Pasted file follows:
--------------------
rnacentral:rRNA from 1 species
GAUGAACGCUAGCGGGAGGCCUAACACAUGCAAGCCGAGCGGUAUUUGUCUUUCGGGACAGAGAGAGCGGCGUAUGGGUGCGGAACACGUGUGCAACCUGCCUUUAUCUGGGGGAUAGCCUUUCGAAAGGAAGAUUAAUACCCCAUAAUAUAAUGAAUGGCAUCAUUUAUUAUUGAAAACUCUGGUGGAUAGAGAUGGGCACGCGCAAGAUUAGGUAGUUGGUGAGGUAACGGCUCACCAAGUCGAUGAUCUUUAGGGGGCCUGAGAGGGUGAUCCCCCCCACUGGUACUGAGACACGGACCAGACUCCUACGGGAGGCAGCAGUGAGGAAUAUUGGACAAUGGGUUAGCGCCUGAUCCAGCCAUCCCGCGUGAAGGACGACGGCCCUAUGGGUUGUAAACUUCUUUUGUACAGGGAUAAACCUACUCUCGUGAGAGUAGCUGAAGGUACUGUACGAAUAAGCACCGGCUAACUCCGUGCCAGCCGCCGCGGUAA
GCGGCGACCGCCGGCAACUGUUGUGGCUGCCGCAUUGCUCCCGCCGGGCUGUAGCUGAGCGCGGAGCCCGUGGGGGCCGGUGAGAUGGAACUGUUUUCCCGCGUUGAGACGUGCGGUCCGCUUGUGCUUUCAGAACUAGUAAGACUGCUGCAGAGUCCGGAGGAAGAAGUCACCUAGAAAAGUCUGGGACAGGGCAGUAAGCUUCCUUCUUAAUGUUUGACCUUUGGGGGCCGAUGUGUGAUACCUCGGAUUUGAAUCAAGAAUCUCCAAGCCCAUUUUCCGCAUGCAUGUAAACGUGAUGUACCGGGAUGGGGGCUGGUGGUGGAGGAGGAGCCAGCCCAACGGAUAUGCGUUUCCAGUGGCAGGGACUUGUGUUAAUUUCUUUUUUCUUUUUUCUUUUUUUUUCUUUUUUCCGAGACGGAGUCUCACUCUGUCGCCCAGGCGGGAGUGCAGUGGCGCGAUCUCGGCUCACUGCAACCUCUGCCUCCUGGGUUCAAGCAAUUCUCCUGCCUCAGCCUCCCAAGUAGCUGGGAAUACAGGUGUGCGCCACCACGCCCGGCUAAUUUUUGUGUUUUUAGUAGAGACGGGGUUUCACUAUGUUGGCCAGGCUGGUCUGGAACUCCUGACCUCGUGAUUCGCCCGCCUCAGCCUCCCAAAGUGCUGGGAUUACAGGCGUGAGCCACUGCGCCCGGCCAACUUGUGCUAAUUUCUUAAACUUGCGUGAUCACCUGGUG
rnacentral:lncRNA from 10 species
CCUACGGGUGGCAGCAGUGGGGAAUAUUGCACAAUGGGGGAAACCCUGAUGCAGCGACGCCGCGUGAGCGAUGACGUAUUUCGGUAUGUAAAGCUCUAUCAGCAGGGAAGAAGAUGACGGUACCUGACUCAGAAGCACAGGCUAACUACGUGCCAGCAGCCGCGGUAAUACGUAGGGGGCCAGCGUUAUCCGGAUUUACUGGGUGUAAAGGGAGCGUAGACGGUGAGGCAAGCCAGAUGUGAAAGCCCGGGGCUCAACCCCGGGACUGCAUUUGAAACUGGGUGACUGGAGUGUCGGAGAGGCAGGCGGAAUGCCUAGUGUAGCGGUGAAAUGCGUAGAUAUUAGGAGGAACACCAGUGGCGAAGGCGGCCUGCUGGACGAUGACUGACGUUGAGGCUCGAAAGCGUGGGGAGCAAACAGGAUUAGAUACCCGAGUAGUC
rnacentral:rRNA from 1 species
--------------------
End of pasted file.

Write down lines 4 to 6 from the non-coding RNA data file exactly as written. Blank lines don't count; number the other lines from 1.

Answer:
rnacentral:lncRNA from 10 species
CCUACGGGUGGCAGCAGUGGGGAAUAUUGCACAAUGGGGGAAACCCUGAUGCAGCGACGCCGCGUGAGCGAUGACGUAUUUCGGUAUGUAAAGCUCUAUCAGCAGGGAAGAAGAUGACGGUACCUGACUCAGAAGCACAGGCUAACUACGUGCCAGCAGCCGCGGUAAUACGUAGGGGGCCAGCGUUAUCCGGAUUUACUGGGUGUAAAGGGAGCGUAGACGGUGAGGCAAGCCAGAUGUGAAAGCCCGGGGCUCAACCCCGGGACUGCAUUUGAAACUGGGUGACUGGAGUGUCGGAGAGGCAGGCGGAAUGCCUAGUGUAGCGGUGAAAUGCGUAGAUAUUAGGAGGAACACCAGUGGCGAAGGCGGCCUGCUGGACGAUGACUGACGUUGAGGCUCGAAAGCGUGGGGAGCAAACAGGAUUAGAUACCCGAGUAGUC
rnacentral:rRNA from 1 species